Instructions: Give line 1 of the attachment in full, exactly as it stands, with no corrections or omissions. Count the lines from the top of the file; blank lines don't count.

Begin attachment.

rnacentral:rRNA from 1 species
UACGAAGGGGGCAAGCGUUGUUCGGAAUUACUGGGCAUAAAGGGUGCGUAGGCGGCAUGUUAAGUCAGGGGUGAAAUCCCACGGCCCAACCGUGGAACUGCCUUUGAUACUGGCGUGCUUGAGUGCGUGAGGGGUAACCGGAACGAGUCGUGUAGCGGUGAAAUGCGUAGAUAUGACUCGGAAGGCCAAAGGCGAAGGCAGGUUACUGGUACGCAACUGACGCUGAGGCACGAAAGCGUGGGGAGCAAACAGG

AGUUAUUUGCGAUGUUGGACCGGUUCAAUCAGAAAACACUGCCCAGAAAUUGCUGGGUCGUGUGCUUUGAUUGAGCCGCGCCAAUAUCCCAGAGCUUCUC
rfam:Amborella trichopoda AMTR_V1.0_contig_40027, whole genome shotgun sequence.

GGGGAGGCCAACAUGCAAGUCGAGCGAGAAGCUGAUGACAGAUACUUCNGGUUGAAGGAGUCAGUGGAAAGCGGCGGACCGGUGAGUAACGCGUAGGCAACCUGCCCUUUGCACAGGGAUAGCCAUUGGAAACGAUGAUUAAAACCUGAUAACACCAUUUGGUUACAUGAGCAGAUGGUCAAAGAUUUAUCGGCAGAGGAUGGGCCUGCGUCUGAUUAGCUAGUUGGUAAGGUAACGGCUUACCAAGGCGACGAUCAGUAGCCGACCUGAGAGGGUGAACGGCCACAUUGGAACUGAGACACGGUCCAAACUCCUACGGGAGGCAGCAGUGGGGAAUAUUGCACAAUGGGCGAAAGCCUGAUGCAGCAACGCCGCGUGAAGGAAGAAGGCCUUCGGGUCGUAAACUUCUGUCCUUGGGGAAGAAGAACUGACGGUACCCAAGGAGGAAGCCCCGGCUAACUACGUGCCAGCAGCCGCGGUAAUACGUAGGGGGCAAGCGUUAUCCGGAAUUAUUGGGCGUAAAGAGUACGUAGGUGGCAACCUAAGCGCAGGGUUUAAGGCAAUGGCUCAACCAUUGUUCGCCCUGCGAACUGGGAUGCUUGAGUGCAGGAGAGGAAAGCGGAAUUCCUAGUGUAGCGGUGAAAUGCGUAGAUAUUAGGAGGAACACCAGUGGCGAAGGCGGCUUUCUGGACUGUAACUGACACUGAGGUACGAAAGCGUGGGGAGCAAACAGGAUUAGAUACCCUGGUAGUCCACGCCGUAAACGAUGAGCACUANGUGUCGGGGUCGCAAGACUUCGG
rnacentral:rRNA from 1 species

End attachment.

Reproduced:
rnacentral:rRNA from 1 species